Feeding the people and the planet

The days are gone when we can blithely eat, mine, and make whatever we want to without a thought for the future. There are just so many people on the planet these days that we have to make conscious decisions about our actions today with a view to present and ongoing impacts. We have to live consciously…that’s not actually a burden, it is a wonderful gift of the current circumstances, and it is never more clearly seen than in how we produce our food. At the level of academia this is being recognised and in a new report by researchers from the University of Bristol, published in the journal Nature, eight strategies for livestock raising have been outlined if we are to do it in a sustainable way.

Less human food – the first strategy they recommend is to feed livestock less human food, keeping that food such as grain to feed people directly but instead feeding cows and sheep hay, silage, and high fibre residues from crops.

Select regionally appropriate animals – this one is almost too obvious but sadly there have been many cases where imported breeds have been used in inappropriate regions with unfortunate results. For example, European and American Holstein dairy cattle have been sent to Africa and Asia to try to assist in feeding the human population. In their natural environment a happy Holstein will produce 30 litres of milk a day but in these unnatural locations they produced much less and the cost of feeding them dramatically exceeded what it would cost to feed a local breed. Local and seasonal are not only desirable qualities for plant foods.

Healthy animals – livestock raising needs to focus on the health of the animals not just their productivity. In developing nations diseases from animals that can be transmitted to humans (zoonoses) cause 2.4 billion cases of human illness each year and around 2.2 million human deaths. Keeping animals happy and healthy in hygienic environments is not only fundamental to respecting the animal but also the humans around them.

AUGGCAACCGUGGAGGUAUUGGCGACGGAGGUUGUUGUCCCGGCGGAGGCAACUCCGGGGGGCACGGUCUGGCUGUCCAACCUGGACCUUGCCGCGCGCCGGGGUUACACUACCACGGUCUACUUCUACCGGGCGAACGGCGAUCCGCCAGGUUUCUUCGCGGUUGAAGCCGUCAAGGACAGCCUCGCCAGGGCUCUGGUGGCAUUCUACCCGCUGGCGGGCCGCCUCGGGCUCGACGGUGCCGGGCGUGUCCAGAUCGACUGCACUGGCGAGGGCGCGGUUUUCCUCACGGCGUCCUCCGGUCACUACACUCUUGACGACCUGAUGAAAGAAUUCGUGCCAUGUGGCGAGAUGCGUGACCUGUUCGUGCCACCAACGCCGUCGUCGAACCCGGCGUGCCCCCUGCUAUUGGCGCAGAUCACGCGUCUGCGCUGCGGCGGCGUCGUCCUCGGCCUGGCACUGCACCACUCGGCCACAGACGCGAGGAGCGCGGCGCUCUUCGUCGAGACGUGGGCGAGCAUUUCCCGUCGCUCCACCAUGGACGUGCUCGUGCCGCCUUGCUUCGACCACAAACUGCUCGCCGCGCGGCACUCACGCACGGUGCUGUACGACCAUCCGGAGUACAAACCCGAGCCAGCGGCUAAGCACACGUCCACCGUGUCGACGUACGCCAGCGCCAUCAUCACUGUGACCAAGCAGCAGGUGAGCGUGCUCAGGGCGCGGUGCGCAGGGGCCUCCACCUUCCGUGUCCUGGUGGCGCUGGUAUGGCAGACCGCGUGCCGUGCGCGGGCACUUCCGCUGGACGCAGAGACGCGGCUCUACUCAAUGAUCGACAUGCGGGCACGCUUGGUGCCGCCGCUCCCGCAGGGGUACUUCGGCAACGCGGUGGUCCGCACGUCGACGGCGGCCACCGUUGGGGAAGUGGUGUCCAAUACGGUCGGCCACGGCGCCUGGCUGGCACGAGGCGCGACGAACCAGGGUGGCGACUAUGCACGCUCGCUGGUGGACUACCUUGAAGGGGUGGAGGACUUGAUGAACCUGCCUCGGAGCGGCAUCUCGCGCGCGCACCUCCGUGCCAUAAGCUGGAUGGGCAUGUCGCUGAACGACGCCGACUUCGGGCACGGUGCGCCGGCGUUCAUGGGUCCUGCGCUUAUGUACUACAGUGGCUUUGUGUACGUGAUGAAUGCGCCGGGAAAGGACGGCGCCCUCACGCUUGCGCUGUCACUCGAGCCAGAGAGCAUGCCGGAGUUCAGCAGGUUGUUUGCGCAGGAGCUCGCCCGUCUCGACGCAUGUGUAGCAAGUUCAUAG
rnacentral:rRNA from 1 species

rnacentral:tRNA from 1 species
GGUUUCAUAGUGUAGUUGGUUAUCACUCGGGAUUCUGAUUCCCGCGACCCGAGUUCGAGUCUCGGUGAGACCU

Use supplements – just like humans, animals can benefit from having supplements added to their food to make up for any nutritional inadequacies. Some supplements not only make for healthier animals but result in higher yields.

Quality versus quantity – there are definite benefits that come from humans eating good quality animal produce, but the focus needs to be on healthy, happy animals producing high quality products that are consumed in moderation by many people.

Local culture – attitudes to livestock are not the same from one culture to the next. In some traditional societies animal ownership is not only about food but also wealth, social status, and can even contribute to dowry payments. You can’t just impose an industrial model of livestock raising on those societies. So future animal practices need to be respectful of regional variations in cultural approach.

Costs and benefits – sustainable livestock raising is possible into the future. Poor old cattle are sometimes tagged as flatulent, greenhouse gas producing machines but that is only part of the picture. One cow produces up to 70kg of manure per day which is enough fertiliser for one hectare of wheat. Alternately, that manure from one cow in a year would yield equivalent to 128kg of nitrogen that might be otherwise sourced from fossil fuels. Deliberate, sustainable approaches to livestock raising will acknowledge the costs but harness the benefits of each animal as well.

Use best practice – what the researchers are saying here is that farmers in various localities need to pool resources and knowledge so that they can make the best of what their local conditions have to offer.

This is not soft, fuzzy, feel-good philosophy; it is what amounts to a holistic and sustainable vision advocated by academics and published in a highly regarded journal. It is not necesarily a complete vision but if we apply this kind of conscious approach to all areas of life the future will be so much brighter.

Terry Robson

Terry Robson

Terry Robson is the Editor-in-Chief of WellBeing and the Editor of EatWell.

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